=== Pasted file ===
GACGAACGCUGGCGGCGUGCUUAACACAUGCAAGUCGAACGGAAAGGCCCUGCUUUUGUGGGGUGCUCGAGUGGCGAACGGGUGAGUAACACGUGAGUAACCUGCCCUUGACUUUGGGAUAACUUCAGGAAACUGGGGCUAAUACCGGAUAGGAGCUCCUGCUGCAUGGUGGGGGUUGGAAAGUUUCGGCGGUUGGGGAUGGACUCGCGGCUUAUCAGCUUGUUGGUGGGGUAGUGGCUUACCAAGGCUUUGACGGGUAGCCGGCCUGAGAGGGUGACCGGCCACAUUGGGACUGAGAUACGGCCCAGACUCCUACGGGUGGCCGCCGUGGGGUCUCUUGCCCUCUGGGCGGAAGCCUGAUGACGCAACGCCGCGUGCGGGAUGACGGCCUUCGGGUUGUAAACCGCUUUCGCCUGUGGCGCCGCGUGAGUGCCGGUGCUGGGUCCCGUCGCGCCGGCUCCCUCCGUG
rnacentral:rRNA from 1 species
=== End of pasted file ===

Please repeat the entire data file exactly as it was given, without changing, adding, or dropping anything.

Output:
GACGAACGCUGGCGGCGUGCUUAACACAUGCAAGUCGAACGGAAAGGCCCUGCUUUUGUGGGGUGCUCGAGUGGCGAACGGGUGAGUAACACGUGAGUAACCUGCCCUUGACUUUGGGAUAACUUCAGGAAACUGGGGCUAAUACCGGAUAGGAGCUCCUGCUGCAUGGUGGGGGUUGGAAAGUUUCGGCGGUUGGGGAUGGACUCGCGGCUUAUCAGCUUGUUGGUGGGGUAGUGGCUUACCAAGGCUUUGACGGGUAGCCGGCCUGAGAGGGUGACCGGCCACAUUGGGACUGAGAUACGGCCCAGACUCCUACGGGUGGCCGCCGUGGGGUCUCUUGCCCUCUGGGCGGAAGCCUGAUGACGCAACGCCGCGUGCGGGAUGACGGCCUUCGGGUUGUAAACCGCUUUCGCCUGUGGCGCCGCGUGAGUGCCGGUGCUGGGUCCCGUCGCGCCGGCUCCCUCCGUG
rnacentral:rRNA from 1 species